In the 1990s and 2000s, the Department of Justice played a critical role in halting the violence plaguing American cities. Federal prosecutors used programs like Operation Ceasefire and Project Exile to target convicted criminals caught with guns for long prison sentences, helping to initiate the great American crime decline. Now, with cities once again beset by rising violent crime, it’s a good time to check on the DOJ’s activity. A new report from researchers at Syracuse University does just that, tracking and ranking 90 federal districts based on prosecutions of weapons offenses—generally, convicted criminals caught with guns. The results are revealing.
First, some good news. One of the federal districts most in need of federal firearms prosecutions is the Eastern District of Missouri, home to the City of St. Louis. After more than six years under the calamitous leadership of chief prosecutor Kimberly Gardner, St. Louis has recorded the highest murder rate in the United States. Sensing the need for order, the United States Attorney’s Office for the Eastern District of Missouri now ranks first in all districts for federal weapons convictions. It’s heartening to see that someone understands that removing gun-toting felons from the streets can help reduce murders. The strategy is having some success: homicide numbers in St. Louis are falling. With the feds trying to ride to the rescue, it’s no surprise that Missouri’s attorney general is seeking to remove Gardner, the architect of chaos in St. Louis, from office.
Moreover, many other federal prosecutors’ offices are delivering a substantial number of convictions against gun-wielding felons. The telling indicator is the location of those federal districts. The states with the most federal gun convictions after Missouri are Tennessee, New Mexico, Alabama, Iowa, Arkansas, Montana, West Virginia, Alaska, and Utah. Notably, the big-city enclaves of the East and West Coasts are missing from that tally.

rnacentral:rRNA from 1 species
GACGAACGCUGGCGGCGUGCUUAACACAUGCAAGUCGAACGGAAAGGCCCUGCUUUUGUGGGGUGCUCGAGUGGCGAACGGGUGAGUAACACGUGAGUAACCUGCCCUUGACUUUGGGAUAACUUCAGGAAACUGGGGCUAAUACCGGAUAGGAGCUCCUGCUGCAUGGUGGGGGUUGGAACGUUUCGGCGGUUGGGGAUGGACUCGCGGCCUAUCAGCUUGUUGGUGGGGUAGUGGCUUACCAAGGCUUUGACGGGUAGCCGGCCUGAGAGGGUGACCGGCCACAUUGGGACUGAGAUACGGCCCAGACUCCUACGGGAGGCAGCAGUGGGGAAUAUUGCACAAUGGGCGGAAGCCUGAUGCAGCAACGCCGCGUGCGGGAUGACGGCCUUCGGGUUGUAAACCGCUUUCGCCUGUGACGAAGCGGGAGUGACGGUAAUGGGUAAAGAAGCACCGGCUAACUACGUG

And that’s where the bad news comes in. If it makes sense for federal prosecutors in St. Louis to try to save citizens from rampant violence, then the DOJ’s outposts in Philadelphia, Chicago, Los Angeles, San Francisco, New York, Portland, and Seattle should also be pursuing a high level of prosecutions of firearm offenders. The United States Attorney’s Office in each district is merely a franchise of the DOJ, so surely someone at Main Justice must have instructed those offices to start cracking down on armed felons—right?
Unfortunately, it appears that progressive de-prosecution philosophies have infected the chief federal prosecutors in many of the most crime-ridden American cities. Portland set a new record for homicides in 2022, but the federal prosecutors in that district ranked just 73rd out of the 90 measured districts for convicting criminals with guns. The federal districts covering Chicago and Philadelphia—cities experiencing skyrocketing homicide rates in recent years under radical chief prosecutors Kim Foxx and Larry Krasner, respectively—ranked 71st and 77th for convicting criminals with guns in federal cases. The increasingly disorderly jurisdictions of Manhattan (80th), Los Angeles (83rd), and San Francisco (87th) are housed within federal districts that trail even Chicago and Philadelphia on this metric. Finally, the U.S. Attorney’s Office covering Seattle, where both violence and property crime have soared since the city’s infamous “summer of love” in 2020, ranked 89th for federal firearms convictions. It seems that urban voters did not just elect progressive district attorneys but also somehow managed to ensure the appointment of progressive chief federal prosecutors.
Even at the federal level, it appears that common-sense law enforcement is migrating away from the most liberal states and localities. California, New York, Illinois, and Pennsylvania lead the list of areas shedding residents. It’s no wonder that citizens are voting with their feet and fleeing places where neither local nor federal prosecutors seem willing to protect them from violent felons.
President Biden and Attorney General Merrick Garland should start concentrating on the real issue endangering American citizens of all races: violent crime in our cities, particularly cities led by local prosecutors who won’t prosecute. It is time for the Department of Justice to take up its traditional role of sword and shield, protecting the residents of these cities from those who would do them harm.